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 Pendahuluan dan Konsep Dasar Homeostasis

 Thermoregulasi, Hibernasi, Torpor dan Estivasi


 Sistem Digesti
 Sistem Sirkulasi (Kardiovaskular)
 Sistem Respirasi
 Osmoregulasi dan Urinasi
 UTS

 Sistem Kekebalan Tubuh (Imunitas)


 Sistem Endokrin
 Sistem Reproduksi
 Sistem Saraf
 Sistem Gerak (Rangka dan Otot)
 Sistem Indera (Mekanisme Sensorik & Motorik)
 UAS
 Tata Tertib Perkuliahan
◦ Kuliah didahului dengan pembacaan ayat suci Al-
Quran dan artinya
◦ Berdoa
◦ Keterlambatan 15 menit
◦ Waktu Quiz mendadak, tidak diumumkan
◦ Tugas individu dan kelompok
◦ Mahasiswa diharapkan aktif berdiskusi
 The chemical level: Various atoms and
molecules make up the body

◦ The most common atoms in the body— oxygen,


carbon, hydrogen, and nitrogen—make up
approximately 96% of the total body chemistry

◦ Molecules of life, such as proteins, carbohydrates,


fats, and nucleic acids (genetic material, such as
deoxyribonucleic acid, or DNA)
 The cell, the fundamental unit of both structure and
function in a living being, is the smallest unit capable
of carrying out the processes associated with life.

 Basic Cell Functions:


◦ Obtaining food (nutrients) and oxygen (O2) from the
environment surrounding the cell.
◦ Performing chemical reactions that use nutrients and O2 to
provide energy for the cells
◦ Eliminating to the cell’s surrounding environment carbon
dioxide (CO2) and other by-products, or wastes, produced
during these chemical reactions
◦ Synthesizing proteins and other components needed for
cell structure, for growth, and for carrying out particular
cell functions.
◦ Controlling to a large extent the exchange of
materials between the cell and its surrounding
environment.
◦ Moving materials internally from one part of the cell
to another
◦ Being sensitive and responsive to changes in the
surrounding environment
◦ In the case of most cells, reproducing
 Specialized Cell Functions:
◦ Protein-synthesizing ability
 The gland cells of the digestive system secrete
digestive enzymes that break down ingested food

◦ Certain kidney cells are able to selectively retain the


substances needed by the body while eliminating
unwanted substances in the urine

◦ Muscle contraction, which involves selective


movement of internal structures to generate
tension in the muscle cells
The basic cell functions are essential for
survival of each individual cell, whereas the
specialized contributions and interactions
among the cells of a multicellular organism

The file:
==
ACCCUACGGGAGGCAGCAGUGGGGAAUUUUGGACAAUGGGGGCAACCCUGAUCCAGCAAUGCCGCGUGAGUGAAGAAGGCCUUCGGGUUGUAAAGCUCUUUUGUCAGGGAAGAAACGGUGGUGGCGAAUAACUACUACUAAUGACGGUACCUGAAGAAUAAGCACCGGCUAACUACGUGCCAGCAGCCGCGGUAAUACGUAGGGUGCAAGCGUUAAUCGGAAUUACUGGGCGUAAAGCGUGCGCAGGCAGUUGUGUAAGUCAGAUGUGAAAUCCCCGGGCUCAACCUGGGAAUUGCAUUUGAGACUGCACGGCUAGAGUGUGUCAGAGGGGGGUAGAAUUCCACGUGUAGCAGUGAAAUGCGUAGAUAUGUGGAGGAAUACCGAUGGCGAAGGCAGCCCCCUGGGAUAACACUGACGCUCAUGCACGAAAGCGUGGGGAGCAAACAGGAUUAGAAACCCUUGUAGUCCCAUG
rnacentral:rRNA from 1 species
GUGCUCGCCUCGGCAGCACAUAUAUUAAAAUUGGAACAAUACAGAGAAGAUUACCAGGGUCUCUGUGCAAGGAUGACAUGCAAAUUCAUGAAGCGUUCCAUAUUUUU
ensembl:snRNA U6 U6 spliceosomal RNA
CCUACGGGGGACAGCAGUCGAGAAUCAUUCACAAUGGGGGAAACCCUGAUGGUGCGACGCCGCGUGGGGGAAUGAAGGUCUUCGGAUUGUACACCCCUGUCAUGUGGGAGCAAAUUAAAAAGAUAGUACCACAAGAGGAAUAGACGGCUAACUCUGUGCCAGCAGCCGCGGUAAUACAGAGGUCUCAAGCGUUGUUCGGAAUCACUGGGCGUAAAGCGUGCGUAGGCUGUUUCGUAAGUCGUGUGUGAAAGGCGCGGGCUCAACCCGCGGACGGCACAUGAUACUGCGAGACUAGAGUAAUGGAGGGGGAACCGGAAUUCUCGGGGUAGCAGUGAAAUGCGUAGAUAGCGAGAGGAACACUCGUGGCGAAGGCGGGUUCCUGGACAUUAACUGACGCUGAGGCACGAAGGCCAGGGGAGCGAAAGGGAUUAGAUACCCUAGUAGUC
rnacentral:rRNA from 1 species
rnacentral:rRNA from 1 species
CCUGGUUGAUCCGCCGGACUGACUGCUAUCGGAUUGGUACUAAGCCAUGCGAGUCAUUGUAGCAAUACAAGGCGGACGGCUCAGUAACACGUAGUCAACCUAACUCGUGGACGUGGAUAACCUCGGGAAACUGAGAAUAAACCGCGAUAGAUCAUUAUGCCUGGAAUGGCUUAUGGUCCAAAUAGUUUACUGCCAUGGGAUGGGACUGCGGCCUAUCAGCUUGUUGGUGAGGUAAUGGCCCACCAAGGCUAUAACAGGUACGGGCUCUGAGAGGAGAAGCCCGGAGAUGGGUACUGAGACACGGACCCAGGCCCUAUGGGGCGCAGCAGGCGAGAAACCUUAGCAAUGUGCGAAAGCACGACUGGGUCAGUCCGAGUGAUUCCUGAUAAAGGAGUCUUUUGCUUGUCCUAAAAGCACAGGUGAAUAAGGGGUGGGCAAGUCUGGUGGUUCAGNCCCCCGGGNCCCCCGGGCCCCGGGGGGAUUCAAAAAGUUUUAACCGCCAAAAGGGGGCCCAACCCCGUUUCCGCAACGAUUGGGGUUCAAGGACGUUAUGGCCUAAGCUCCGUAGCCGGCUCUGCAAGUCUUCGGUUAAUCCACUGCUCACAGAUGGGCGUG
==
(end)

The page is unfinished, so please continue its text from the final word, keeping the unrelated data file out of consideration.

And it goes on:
are essential for survival of the whole body
 The tissue level: Tissues are groups of cells of
similar specialization

◦ Cells of similar structure and specialized function


combine to form tissues,of which there are four
primary types:muscle, nervous, epithelial, and
connective
 The organ level: An organ is a unit made up
of several tissue types
 The body system level: A body system is a
collection of related organs

 The human body has 11 systems: circulatory,


digestive, respiratory, urinary, skeletal,
muscular, integumentary, immune, nervous,
endocrine, and reproductive
FIGURE 1- 3 Components of the body
systems.
 The organism level: The body systems are
packaged together into a functional whole
body
 The cells in a multicellular organism cannot
live and function without contributions from
the other body cells because the vast majority
of cells are not in direct contact with the
external environment
 The external environment is the surrounding
environment in which an organism lives

◦ A single-celled organism such as an amoeba


obtains nutrients and O2 directly from its
immediate external surroundings and eliminates
wastes back into those surroundings

◦ A muscle cell or any other cell in a multicellular


organism has the same need for life-supporting
nutrient and O2 uptake and waste elimination, yet
the muscle cell is isolated from the external
environment surrounding the body
 Body cells are in contact with a privately
maintained internal environment

◦ The fluid collectively contained within all body cells is


called intracellular fluid (ICF).

◦ The fluid outside the cells is called extracellular fluid


(ECF).
 The ECF is the internal environment of the body.
 Note that the ECF is outside the cells but inside the body.
 Extracellular fluid is made up of two components:
 The plasma, the fluid portion of the blood
 The interstitial fluid, which surrounds and bathes the cells

◦ You live in the external environment; your cells live


within the body’s internal environment
FIGURE 1-4 Components of the extracellular fluid
(internal environment).
 The term ‘homeostasis’ is derived from two Greek words;
Homeo which means ‘unchanging’ and Stasis which means
‘standing’
 In its simplest form it means ‘staying the same’
 It is an organism’s internal environment which ‘stays the
same’
 The ‘internal environment’ refers to the conditions inside an